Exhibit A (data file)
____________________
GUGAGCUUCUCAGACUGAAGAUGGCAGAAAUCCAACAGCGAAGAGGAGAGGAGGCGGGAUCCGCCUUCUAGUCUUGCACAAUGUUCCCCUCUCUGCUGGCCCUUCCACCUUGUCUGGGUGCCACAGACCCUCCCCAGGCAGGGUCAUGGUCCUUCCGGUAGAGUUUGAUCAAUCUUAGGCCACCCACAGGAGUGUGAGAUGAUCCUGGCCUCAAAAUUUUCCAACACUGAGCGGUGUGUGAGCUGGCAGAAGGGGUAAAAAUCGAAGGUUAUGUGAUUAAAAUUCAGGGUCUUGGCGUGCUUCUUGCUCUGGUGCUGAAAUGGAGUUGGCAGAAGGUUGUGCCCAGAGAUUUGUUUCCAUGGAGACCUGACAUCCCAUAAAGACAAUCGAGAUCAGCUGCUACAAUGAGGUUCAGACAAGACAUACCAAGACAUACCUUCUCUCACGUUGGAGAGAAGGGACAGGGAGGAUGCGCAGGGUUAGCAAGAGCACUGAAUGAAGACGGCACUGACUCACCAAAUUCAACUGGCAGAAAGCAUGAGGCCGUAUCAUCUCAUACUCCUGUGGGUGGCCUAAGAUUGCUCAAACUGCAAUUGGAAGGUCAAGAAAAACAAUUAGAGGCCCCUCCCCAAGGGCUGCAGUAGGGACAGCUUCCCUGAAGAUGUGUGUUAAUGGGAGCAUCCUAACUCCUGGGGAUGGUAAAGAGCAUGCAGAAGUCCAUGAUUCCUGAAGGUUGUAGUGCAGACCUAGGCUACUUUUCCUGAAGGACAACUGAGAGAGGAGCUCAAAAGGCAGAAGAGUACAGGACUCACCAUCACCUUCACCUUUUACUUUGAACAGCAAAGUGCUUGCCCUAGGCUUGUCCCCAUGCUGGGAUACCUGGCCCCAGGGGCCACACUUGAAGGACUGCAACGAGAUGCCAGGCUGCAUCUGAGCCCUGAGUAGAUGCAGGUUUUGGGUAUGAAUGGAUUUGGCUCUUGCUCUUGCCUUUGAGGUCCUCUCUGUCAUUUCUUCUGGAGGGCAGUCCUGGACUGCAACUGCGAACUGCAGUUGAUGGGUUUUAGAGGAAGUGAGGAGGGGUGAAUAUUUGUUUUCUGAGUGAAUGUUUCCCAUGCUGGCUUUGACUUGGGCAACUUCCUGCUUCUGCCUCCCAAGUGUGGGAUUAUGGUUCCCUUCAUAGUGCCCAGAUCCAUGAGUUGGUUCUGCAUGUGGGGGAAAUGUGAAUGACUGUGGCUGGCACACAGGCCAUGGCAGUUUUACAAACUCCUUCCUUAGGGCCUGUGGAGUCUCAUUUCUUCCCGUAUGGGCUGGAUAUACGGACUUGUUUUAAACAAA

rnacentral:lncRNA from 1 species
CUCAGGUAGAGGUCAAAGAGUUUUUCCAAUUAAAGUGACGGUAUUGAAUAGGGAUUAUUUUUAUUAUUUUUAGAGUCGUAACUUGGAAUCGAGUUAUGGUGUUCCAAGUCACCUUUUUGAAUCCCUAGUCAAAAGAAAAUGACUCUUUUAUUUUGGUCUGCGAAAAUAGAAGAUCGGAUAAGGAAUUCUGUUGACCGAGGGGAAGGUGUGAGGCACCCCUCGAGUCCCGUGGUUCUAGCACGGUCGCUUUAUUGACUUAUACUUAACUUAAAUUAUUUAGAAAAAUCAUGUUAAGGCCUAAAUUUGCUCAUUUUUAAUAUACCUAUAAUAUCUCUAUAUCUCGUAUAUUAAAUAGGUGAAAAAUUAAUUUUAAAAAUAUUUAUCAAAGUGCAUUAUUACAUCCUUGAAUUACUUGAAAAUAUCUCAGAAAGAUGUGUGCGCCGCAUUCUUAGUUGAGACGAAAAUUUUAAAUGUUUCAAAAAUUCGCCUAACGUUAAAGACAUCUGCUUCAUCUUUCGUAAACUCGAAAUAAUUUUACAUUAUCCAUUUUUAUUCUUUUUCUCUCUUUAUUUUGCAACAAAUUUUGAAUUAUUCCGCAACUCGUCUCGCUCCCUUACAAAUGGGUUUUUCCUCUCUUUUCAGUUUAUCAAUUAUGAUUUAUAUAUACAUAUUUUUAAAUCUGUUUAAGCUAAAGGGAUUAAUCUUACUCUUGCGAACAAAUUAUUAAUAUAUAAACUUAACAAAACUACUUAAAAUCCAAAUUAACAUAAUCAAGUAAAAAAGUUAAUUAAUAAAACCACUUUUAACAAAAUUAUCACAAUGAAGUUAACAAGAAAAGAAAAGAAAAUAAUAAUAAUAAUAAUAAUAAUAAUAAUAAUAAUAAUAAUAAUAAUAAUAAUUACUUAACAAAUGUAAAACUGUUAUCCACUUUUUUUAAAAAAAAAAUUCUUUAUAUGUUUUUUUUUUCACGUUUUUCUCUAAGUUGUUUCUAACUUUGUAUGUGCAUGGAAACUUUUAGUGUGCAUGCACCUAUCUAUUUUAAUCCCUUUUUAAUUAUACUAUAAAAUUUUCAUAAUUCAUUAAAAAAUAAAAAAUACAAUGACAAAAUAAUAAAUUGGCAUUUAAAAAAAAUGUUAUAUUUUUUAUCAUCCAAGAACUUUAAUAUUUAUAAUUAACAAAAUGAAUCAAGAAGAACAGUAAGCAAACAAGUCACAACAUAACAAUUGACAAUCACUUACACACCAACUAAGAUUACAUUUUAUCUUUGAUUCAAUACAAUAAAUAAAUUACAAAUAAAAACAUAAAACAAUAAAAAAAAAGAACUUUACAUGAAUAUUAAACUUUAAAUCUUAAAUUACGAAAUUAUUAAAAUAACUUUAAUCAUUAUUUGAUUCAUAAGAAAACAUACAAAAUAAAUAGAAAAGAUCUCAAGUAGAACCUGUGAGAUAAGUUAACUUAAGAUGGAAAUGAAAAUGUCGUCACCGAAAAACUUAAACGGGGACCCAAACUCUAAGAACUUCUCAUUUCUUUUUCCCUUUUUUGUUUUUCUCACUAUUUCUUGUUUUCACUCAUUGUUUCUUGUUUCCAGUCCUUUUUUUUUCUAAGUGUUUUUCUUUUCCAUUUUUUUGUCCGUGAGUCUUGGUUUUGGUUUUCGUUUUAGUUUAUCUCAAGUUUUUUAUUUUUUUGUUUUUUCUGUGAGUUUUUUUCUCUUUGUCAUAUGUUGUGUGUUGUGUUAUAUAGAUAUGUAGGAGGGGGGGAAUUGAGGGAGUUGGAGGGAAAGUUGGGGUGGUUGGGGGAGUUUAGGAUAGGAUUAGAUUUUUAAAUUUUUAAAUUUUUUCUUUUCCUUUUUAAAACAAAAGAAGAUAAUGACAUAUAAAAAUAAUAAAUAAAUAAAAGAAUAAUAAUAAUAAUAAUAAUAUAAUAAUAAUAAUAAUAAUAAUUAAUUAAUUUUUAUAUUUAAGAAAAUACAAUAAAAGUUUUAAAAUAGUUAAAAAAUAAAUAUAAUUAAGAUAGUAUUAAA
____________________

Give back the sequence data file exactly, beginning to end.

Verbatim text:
GUGAGCUUCUCAGACUGAAGAUGGCAGAAAUCCAACAGCGAAGAGGAGAGGAGGCGGGAUCCGCCUUCUAGUCUUGCACAAUGUUCCCCUCUCUGCUGGCCCUUCCACCUUGUCUGGGUGCCACAGACCCUCCCCAGGCAGGGUCAUGGUCCUUCCGGUAGAGUUUGAUCAAUCUUAGGCCACCCACAGGAGUGUGAGAUGAUCCUGGCCUCAAAAUUUUCCAACACUGAGCGGUGUGUGAGCUGGCAGAAGGGGUAAAAAUCGAAGGUUAUGUGAUUAAAAUUCAGGGUCUUGGCGUGCUUCUUGCUCUGGUGCUGAAAUGGAGUUGGCAGAAGGUUGUGCCCAGAGAUUUGUUUCCAUGGAGACCUGACAUCCCAUAAAGACAAUCGAGAUCAGCUGCUACAAUGAGGUUCAGACAAGACAUACCAAGACAUACCUUCUCUCACGUUGGAGAGAAGGGACAGGGAGGAUGCGCAGGGUUAGCAAGAGCACUGAAUGAAGACGGCACUGACUCACCAAAUUCAACUGGCAGAAAGCAUGAGGCCGUAUCAUCUCAUACUCCUGUGGGUGGCCUAAGAUUGCUCAAACUGCAAUUGGAAGGUCAAGAAAAACAAUUAGAGGCCCCUCCCCAAGGGCUGCAGUAGGGACAGCUUCCCUGAAGAUGUGUGUUAAUGGGAGCAUCCUAACUCCUGGGGAUGGUAAAGAGCAUGCAGAAGUCCAUGAUUCCUGAAGGUUGUAGUGCAGACCUAGGCUACUUUUCCUGAAGGACAACUGAGAGAGGAGCUCAAAAGGCAGAAGAGUACAGGACUCACCAUCACCUUCACCUUUUACUUUGAACAGCAAAGUGCUUGCCCUAGGCUUGUCCCCAUGCUGGGAUACCUGGCCCCAGGGGCCACACUUGAAGGACUGCAACGAGAUGCCAGGCUGCAUCUGAGCCCUGAGUAGAUGCAGGUUUUGGGUAUGAAUGGAUUUGGCUCUUGCUCUUGCCUUUGAGGUCCUCUCUGUCAUUUCUUCUGGAGGGCAGUCCUGGACUGCAACUGCGAACUGCAGUUGAUGGGUUUUAGAGGAAGUGAGGAGGGGUGAAUAUUUGUUUUCUGAGUGAAUGUUUCCCAUGCUGGCUUUGACUUGGGCAACUUCCUGCUUCUGCCUCCCAAGUGUGGGAUUAUGGUUCCCUUCAUAGUGCCCAGAUCCAUGAGUUGGUUCUGCAUGUGGGGGAAAUGUGAAUGACUGUGGCUGGCACACAGGCCAUGGCAGUUUUACAAACUCCUUCCUUAGGGCCUGUGGAGUCUCAUUUCUUCCCGUAUGGGCUGGAUAUACGGACUUGUUUUAAACAAA

rnacentral:lncRNA from 1 species
CUCAGGUAGAGGUCAAAGAGUUUUUCCAAUUAAAGUGACGGUAUUGAAUAGGGAUUAUUUUUAUUAUUUUUAGAGUCGUAACUUGGAAUCGAGUUAUGGUGUUCCAAGUCACCUUUUUGAAUCCCUAGUCAAAAGAAAAUGACUCUUUUAUUUUGGUCUGCGAAAAUAGAAGAUCGGAUAAGGAAUUCUGUUGACCGAGGGGAAGGUGUGAGGCACCCCUCGAGUCCCGUGGUUCUAGCACGGUCGCUUUAUUGACUUAUACUUAACUUAAAUUAUUUAGAAAAAUCAUGUUAAGGCCUAAAUUUGCUCAUUUUUAAUAUACCUAUAAUAUCUCUAUAUCUCGUAUAUUAAAUAGGUGAAAAAUUAAUUUUAAAAAUAUUUAUCAAAGUGCAUUAUUACAUCCUUGAAUUACUUGAAAAUAUCUCAGAAAGAUGUGUGCGCCGCAUUCUUAGUUGAGACGAAAAUUUUAAAUGUUUCAAAAAUUCGCCUAACGUUAAAGACAUCUGCUUCAUCUUUCGUAAACUCGAAAUAAUUUUACAUUAUCCAUUUUUAUUCUUUUUCUCUCUUUAUUUUGCAACAAAUUUUGAAUUAUUCCGCAACUCGUCUCGCUCCCUUACAAAUGGGUUUUUCCUCUCUUUUCAGUUUAUCAAUUAUGAUUUAUAUAUACAUAUUUUUAAAUCUGUUUAAGCUAAAGGGAUUAAUCUUACUCUUGCGAACAAAUUAUUAAUAUAUAAACUUAACAAAACUACUUAAAAUCCAAAUUAACAUAAUCAAGUAAAAAAGUUAAUUAAUAAAACCACUUUUAACAAAAUUAUCACAAUGAAGUUAACAAGAAAAGAAAAGAAAAUAAUAAUAAUAAUAAUAAUAAUAAUAAUAAUAAUAAUAAUAAUAAUAAUAAUUACUUAACAAAUGUAAAACUGUUAUCCACUUUUUUUAAAAAAAAAAUUCUUUAUAUGUUUUUUUUUUCACGUUUUUCUCUAAGUUGUUUCUAACUUUGUAUGUGCAUGGAAACUUUUAGUGUGCAUGCACCUAUCUAUUUUAAUCCCUUUUUAAUUAUACUAUAAAAUUUUCAUAAUUCAUUAAAAAAUAAAAAAUACAAUGACAAAAUAAUAAAUUGGCAUUUAAAAAAAAUGUUAUAUUUUUUAUCAUCCAAGAACUUUAAUAUUUAUAAUUAACAAAAUGAAUCAAGAAGAACAGUAAGCAAACAAGUCACAACAUAACAAUUGACAAUCACUUACACACCAACUAAGAUUACAUUUUAUCUUUGAUUCAAUACAAUAAAUAAAUUACAAAUAAAAACAUAAAACAAUAAAAAAAAAGAACUUUACAUGAAUAUUAAACUUUAAAUCUUAAAUUACGAAAUUAUUAAAAUAACUUUAAUCAUUAUUUGAUUCAUAAGAAAACAUACAAAAUAAAUAGAAAAGAUCUCAAGUAGAACCUGUGAGAUAAGUUAACUUAAGAUGGAAAUGAAAAUGUCGUCACCGAAAAACUUAAACGGGGACCCAAACUCUAAGAACUUCUCAUUUCUUUUUCCCUUUUUUGUUUUUCUCACUAUUUCUUGUUUUCACUCAUUGUUUCUUGUUUCCAGUCCUUUUUUUUUCUAAGUGUUUUUCUUUUCCAUUUUUUUGUCCGUGAGUCUUGGUUUUGGUUUUCGUUUUAGUUUAUCUCAAGUUUUUUAUUUUUUUGUUUUUUCUGUGAGUUUUUUUCUCUUUGUCAUAUGUUGUGUGUUGUGUUAUAUAGAUAUGUAGGAGGGGGGGAAUUGAGGGAGUUGGAGGGAAAGUUGGGGUGGUUGGGGGAGUUUAGGAUAGGAUUAGAUUUUUAAAUUUUUAAAUUUUUUCUUUUCCUUUUUAAAACAAAAGAAGAUAAUGACAUAUAAAAAUAAUAAAUAAAUAAAAGAAUAAUAAUAAUAAUAAUAAUAUAAUAAUAAUAAUAAUAAUAAUUAAUUAAUUUUUAUAUUUAAGAAAAUACAAUAAAAGUUUUAAAAUAGUUAAAAAAUAAAUAUAAUUAAGAUAGUAUUAAA